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March 2014 Check Out Our New Website! / Sweet! Another Sweetlips Wins Photo Contest / Honduras Protects a Valuable Reef and Bay / More Teeth for Sharks / We're Opening Our House to You

The new, your destination for information about our work and coral reef conservation, is here!
Check Out Our New Website!

We are excited to launch the new and improved! Our website is one of our most important tools for us to connect with you—we hope this refresh will help us do that even better. The new architecture and design make it easier for you to learn about coral—and CORAL—and to see the impact of your investments in new sections like our blog. We hope you enjoy it.

Email us at to let us know your favorite part of the new site and what you'd like to see more of as we continue to develop new content. Visit the New Site

A spotted sweetlips (Plectorhincus chaetodonoides) mugs for the camera in this month's contest-winning photo; photo by Julia Mason
Sweet! Another Sweetlips Wins Photo Contest

This month's fantastic winning photo comes to us from first-time entrant Julia Mason of Alamo, California. Julia captured this charismatic spotted sweetlips (Plectorhincus chaetodonoides), also known as a harlequin sweetlips, while diving through Palau's Virgin Blue Hole, a cavernous reef structure just west of Ngemelis Island. The curious sweetlips is flanked by several smaller fish: a pair of bluestreak cleaner wrasses (Labroides dimidiatus), a black chromis (Chromis xanthura), and a pair of dark-fin chromis (Chromis atripes).

You can download Julia's photo as a high-resolution wallpaper image and enter your best coral reef photo in our next contest. Download Julia's Winning Shot Enter the Contest

CORAL is thrilled to announce that the Honduran government has designated Tela Bay as a Site of Wildlife Importance; photo by Ian Drysdale/Healthy Reefs Initiative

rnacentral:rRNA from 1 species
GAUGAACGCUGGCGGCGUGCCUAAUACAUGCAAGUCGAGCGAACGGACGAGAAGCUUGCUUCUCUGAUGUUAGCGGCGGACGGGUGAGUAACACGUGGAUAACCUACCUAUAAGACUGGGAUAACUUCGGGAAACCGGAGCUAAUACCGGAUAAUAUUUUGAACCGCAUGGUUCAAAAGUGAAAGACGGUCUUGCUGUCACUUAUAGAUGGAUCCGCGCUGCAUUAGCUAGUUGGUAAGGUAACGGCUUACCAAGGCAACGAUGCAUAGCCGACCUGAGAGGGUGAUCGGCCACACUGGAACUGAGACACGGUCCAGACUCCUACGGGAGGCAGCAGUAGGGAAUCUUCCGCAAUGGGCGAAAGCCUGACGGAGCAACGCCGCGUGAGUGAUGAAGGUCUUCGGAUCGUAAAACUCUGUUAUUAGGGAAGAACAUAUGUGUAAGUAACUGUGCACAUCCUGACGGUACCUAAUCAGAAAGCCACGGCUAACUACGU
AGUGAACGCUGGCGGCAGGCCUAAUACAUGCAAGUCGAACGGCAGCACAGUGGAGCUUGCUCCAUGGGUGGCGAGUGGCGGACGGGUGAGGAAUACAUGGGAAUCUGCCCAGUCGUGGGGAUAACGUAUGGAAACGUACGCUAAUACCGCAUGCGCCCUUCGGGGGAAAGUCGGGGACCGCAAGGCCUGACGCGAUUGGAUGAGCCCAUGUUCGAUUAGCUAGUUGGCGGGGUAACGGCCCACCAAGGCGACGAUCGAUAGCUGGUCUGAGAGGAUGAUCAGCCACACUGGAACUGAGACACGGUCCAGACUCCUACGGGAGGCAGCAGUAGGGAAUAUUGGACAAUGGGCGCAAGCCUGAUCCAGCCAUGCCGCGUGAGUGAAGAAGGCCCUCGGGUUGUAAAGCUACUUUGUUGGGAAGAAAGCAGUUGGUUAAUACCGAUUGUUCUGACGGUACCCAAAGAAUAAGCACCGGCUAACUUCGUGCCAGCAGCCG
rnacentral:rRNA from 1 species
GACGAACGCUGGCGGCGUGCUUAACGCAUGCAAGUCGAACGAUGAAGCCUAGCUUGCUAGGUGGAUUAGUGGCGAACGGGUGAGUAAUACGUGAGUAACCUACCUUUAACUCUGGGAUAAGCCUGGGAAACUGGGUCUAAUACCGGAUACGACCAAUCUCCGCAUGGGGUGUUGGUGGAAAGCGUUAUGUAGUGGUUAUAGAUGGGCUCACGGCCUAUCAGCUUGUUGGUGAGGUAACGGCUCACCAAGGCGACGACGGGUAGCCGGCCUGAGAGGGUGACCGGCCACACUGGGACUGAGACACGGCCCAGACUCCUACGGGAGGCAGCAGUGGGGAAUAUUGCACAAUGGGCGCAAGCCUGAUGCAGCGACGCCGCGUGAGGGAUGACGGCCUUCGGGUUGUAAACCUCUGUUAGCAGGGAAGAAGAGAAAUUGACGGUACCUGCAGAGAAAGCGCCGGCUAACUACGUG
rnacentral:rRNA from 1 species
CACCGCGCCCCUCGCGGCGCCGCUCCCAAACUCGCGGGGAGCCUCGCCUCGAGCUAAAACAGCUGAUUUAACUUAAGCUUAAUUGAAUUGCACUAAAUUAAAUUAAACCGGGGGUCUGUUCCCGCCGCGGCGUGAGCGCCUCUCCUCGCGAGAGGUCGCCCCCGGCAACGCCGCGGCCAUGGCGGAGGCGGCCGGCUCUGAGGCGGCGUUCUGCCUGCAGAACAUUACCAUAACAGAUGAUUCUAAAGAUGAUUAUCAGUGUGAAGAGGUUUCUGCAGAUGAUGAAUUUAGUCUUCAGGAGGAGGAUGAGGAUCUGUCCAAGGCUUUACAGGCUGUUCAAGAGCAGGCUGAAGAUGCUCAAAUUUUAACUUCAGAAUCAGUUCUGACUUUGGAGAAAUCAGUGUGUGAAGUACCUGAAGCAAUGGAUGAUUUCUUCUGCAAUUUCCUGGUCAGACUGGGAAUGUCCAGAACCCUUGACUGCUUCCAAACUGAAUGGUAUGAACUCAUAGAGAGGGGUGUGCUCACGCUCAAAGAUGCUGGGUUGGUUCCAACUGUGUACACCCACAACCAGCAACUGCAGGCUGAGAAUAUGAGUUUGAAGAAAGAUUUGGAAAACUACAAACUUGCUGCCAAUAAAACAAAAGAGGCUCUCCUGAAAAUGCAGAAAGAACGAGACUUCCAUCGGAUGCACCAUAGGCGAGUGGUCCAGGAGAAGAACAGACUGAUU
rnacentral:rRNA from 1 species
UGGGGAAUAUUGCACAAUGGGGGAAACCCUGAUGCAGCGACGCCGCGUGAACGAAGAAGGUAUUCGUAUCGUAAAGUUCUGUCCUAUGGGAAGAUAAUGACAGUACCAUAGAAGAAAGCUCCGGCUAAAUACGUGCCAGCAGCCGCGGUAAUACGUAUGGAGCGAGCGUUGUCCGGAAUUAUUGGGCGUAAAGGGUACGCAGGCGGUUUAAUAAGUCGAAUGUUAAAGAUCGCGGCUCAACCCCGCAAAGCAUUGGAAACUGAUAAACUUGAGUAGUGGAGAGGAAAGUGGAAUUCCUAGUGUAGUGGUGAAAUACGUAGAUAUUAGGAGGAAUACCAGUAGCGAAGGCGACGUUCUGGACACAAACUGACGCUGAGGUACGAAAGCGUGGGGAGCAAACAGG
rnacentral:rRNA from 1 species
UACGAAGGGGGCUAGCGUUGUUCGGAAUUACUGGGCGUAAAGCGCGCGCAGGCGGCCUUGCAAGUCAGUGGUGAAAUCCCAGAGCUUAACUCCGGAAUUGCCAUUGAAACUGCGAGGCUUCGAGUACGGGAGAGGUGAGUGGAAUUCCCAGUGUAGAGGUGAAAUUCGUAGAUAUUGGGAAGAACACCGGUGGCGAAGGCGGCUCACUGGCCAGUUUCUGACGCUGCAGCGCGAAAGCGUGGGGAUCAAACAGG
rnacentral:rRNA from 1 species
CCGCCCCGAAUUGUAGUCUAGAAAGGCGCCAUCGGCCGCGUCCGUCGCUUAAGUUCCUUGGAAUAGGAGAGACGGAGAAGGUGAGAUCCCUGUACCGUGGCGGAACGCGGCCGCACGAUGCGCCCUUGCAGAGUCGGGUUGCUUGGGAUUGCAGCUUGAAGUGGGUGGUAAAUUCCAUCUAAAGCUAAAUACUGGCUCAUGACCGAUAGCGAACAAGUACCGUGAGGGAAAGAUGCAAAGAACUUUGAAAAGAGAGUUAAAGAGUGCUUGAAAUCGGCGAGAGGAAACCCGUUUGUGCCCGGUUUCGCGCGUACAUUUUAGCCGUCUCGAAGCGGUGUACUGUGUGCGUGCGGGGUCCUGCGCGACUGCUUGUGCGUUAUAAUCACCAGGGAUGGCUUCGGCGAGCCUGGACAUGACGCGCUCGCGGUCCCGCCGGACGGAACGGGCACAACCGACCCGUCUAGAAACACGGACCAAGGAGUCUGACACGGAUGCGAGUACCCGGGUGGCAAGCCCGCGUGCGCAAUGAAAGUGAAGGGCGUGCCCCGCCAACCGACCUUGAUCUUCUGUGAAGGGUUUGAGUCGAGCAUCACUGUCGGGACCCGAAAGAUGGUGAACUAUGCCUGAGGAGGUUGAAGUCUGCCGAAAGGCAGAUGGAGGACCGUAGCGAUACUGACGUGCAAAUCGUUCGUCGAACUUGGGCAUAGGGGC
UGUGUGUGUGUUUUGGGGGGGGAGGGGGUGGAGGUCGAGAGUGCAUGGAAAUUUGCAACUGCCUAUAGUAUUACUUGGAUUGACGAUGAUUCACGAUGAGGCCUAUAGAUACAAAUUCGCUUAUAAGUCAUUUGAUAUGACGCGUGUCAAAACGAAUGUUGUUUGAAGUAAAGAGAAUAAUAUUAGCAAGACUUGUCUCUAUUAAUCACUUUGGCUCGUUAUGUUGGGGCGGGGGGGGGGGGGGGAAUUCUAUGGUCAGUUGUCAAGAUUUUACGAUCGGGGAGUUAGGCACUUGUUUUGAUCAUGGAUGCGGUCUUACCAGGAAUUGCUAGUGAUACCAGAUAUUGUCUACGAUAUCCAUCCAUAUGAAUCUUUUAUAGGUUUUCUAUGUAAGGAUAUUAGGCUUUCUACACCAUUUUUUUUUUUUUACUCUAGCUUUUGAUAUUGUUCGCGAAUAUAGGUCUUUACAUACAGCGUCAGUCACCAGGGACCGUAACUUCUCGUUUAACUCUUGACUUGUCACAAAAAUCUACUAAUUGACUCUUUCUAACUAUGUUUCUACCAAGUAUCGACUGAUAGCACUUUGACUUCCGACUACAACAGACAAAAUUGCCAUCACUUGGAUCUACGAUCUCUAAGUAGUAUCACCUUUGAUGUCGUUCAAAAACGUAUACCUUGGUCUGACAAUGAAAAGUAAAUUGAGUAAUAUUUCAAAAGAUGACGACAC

Honduras Protects a Valuable Reef and Bay

Tela Bay, Honduras, is now protected as a Site of Wildlife Importance. CORAL, the Healthy Reefs Initiative, and Amatela, a Tela-based organization, surveyed this important area, one of the healthiest reefs in the Caribbean with an unusual density of long-spined sea urchins and a large stand of endangered elkhorn corals. We then presented the Honorable David Zacaro, Mayor of Tela, with the data and he was compelled to issue a municipal decree protecting the area in 2012. This January, the National Institute of Forest Conservation and Development, Protected Areas and Wildlife, gave federal protection to Tela Bay by designating it as a Site of Wildlife Importance, in recognition of its ecological significance. Capiro Banks, located within the bay, has almost four times more live coral cover than most other reefs in the Caribbean; over 800 endangered elkhorn corals are found in this new federally protected area as well. Read Our Press Release Here

CORAL and our partners met in February to develop strategies for enforcing last year's CITES decision; photo by Angelo Villagomez/Pew Environment Group
More Teeth for Sharks

Last March, at the 16th meeting of the Conference of the Parties in Bangkok, Thailand, the member countries in CITES (Convention on International Trade in Endangered Species of Wild Fauna and Flora) voted to give five species of sharks and two species of manta rays greater protection. But how to ensure that their listings as Appendix II species—which still allow for “legal and sustainable” trade—are implemented effectively? In February, CORAL, The Pew Charitable Trusts, and the government of Fiji hosted a workshop in Fiji to discuss what needs to be done regionally in order for the new listings to really work. Over 60 participants and observers from 11 countries came up with a “to do” list and a strategy for enforcement. Read More On Our New Blog

We invite our supporters to meet members of our San Francisco staff and representatives from several local dive clubs on April 5; photo Nick Hobgood
We're Opening Our House To You

Come help us celebrate new victories in protecting reefs around the world on April 5. Divers, dive shop owners, CORAL supporters, and anyone with an interest in coral reefs are invited to attend our open house on Saturday, April 5, between 1:00 and 3:00 pm, at our San Francisco office. You’ll be treated to a presentation by Executive Director Dr. Michael Webster showing gorgeous images and short video clips from his travels to various reefs. He’ll discuss threats to reef health and what CORAL is doing to help. We’ll have light refreshments and fun activities for families and kids. Please RSVP to by March 31.

For those who can’t make it, we plan to post the video of the presentation online following the event, so keep a look out! RSVP Here

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Coral Reef Alliance
351 California Street
San Francisco, Calif. 94104